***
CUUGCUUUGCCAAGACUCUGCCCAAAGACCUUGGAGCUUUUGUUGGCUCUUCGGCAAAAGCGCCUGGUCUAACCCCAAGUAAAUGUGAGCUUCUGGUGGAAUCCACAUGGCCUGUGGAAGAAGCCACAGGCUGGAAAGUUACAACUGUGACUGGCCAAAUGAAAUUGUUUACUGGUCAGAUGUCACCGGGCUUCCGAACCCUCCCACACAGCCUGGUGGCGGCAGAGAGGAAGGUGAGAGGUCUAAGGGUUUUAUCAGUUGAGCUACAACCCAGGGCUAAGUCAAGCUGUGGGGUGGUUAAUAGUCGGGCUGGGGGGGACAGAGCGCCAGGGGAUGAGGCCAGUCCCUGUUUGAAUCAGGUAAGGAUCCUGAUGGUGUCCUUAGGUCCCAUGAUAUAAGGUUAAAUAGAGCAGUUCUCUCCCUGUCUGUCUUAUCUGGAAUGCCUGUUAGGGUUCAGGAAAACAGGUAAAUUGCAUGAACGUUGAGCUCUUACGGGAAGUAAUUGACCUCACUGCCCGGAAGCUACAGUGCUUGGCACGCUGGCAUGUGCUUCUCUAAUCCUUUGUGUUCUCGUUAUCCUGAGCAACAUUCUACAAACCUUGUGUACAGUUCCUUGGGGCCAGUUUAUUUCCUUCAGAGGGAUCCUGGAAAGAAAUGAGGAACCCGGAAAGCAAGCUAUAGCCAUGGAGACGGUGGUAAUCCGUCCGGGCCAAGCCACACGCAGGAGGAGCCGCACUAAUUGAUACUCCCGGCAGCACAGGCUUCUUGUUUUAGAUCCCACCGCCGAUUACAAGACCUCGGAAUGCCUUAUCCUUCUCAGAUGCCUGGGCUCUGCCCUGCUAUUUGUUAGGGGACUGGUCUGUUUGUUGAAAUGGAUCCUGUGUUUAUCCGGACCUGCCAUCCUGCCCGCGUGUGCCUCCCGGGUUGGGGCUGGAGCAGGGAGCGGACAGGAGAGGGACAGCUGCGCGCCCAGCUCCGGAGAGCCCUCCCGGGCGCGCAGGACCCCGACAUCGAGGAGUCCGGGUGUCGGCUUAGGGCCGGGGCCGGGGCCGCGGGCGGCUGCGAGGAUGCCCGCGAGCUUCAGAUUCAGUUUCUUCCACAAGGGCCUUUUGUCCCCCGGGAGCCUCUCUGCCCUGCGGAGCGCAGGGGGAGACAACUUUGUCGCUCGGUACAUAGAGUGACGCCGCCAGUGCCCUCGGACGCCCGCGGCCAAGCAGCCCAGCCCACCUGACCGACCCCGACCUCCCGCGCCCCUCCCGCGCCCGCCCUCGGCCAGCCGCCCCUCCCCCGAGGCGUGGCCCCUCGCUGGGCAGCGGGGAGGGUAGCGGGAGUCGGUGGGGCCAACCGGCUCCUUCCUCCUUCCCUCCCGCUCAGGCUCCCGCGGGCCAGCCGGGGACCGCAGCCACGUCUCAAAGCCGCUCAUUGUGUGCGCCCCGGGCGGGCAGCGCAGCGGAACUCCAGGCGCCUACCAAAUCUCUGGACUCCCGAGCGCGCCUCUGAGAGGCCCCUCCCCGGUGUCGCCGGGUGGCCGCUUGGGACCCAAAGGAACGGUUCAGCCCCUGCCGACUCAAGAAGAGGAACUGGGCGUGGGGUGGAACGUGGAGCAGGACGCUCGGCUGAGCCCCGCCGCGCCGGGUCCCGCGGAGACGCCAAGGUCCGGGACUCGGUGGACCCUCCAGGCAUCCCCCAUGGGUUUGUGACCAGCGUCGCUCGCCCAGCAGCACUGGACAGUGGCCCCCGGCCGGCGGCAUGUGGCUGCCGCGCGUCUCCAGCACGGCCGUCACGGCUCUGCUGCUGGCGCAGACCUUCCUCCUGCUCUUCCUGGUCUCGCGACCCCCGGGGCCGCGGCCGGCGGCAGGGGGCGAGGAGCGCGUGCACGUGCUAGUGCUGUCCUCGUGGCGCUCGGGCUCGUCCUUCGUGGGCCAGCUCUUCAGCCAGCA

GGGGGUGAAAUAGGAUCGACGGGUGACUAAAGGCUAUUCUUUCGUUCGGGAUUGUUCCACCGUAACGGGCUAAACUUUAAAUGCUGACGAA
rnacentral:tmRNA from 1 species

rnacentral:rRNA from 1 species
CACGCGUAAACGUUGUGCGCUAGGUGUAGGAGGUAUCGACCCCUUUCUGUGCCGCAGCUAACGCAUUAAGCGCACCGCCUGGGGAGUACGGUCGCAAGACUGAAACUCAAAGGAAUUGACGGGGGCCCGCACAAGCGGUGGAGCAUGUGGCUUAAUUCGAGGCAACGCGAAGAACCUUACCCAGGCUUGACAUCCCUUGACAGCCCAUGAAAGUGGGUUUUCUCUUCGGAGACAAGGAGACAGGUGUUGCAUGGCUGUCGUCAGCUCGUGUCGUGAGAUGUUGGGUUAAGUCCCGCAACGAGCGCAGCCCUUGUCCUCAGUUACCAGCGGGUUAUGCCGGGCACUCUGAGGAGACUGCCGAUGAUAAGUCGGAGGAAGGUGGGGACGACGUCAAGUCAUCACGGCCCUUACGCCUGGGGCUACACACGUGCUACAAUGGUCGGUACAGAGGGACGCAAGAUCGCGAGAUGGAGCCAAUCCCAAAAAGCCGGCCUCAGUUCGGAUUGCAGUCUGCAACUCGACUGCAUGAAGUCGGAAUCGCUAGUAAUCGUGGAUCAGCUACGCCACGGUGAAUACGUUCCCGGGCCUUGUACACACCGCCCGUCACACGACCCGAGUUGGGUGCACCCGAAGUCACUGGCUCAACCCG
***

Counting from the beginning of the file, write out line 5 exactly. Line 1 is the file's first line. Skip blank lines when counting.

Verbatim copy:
CACGCGUAAACGUUGUGCGCUAGGUGUAGGAGGUAUCGACCCCUUUCUGUGCCGCAGCUAACGCAUUAAGCGCACCGCCUGGGGAGUACGGUCGCAAGACUGAAACUCAAAGGAAUUGACGGGGGCCCGCACAAGCGGUGGAGCAUGUGGCUUAAUUCGAGGCAACGCGAAGAACCUUACCCAGGCUUGACAUCCCUUGACAGCCCAUGAAAGUGGGUUUUCUCUUCGGAGACAAGGAGACAGGUGUUGCAUGGCUGUCGUCAGCUCGUGUCGUGAGAUGUUGGGUUAAGUCCCGCAACGAGCGCAGCCCUUGUCCUCAGUUACCAGCGGGUUAUGCCGGGCACUCUGAGGAGACUGCCGAUGAUAAGUCGGAGGAAGGUGGGGACGACGUCAAGUCAUCACGGCCCUUACGCCUGGGGCUACACACGUGCUACAAUGGUCGGUACAGAGGGACGCAAGAUCGCGAGAUGGAGCCAAUCCCAAAAAGCCGGCCUCAGUUCGGAUUGCAGUCUGCAACUCGACUGCAUGAAGUCGGAAUCGCUAGUAAUCGUGGAUCAGCUACGCCACGGUGAAUACGUUCCCGGGCCUUGUACACACCGCCCGUCACACGACCCGAGUUGGGUGCACCCGAAGUCACUGGCUCAACCCG